In this operating mode, channels A and B are connected using the electronic switch. Here, the channels are alternatively connected to the vertical amplifier in the successive cycle manner with the time base generator. The switching rate of the cathode ray tube is managed using the time base generator’s sweep rate. So, because of this, the CRO displays the vertical signals from the two channels one after the other. Each of these vertical amplifiers has its own standardized input alternator and position controllers in order to correctly modify the amplitude level of every signal.
This alternate mode of operation is especially used for high-frequency signaling, The time base level is set up at high speed so that the traces from both the channels will be observed as continuous trace rather than the alternate trace. This is the output in the alternate mode.
Chopped Mode of Operation
In this mode, the electronic switch undergoes multiple transitions between the two channels at the time of sweep. Here, the position of the electronic switch is regulated by using a free-running oscillator. When the switch runs at high speed, the display time of the channel is very minimal. The chopping or switching rate of the switch in this mode is nearly 0.01 milliseconds or 100kHz.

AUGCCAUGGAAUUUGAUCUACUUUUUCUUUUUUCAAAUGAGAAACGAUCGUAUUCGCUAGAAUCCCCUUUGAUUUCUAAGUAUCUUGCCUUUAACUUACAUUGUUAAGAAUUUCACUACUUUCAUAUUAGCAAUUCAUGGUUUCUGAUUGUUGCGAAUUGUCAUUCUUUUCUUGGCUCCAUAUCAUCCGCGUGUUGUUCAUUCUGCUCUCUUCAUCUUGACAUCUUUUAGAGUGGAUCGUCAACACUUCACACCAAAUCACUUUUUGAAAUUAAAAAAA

This chopping mode is useful mainly for synchronous observation of minimal frequency signals which means when the frequency range is minimal than that of chopping frequency levels.
This is the detailed dual trace oscilloscope working.
|Vertical Signal||Signal Source Triggering|
|ADD||Displays combined signal of both the channels|
|ALT||After every sweep, there happens to switch between both the channels|
|CHOP||After every sweep, there happens to switch between both the channels|
Apart from the functioning, the below section explains on few dual trace oscilloscope features. Those describe the performance and specifications of the device.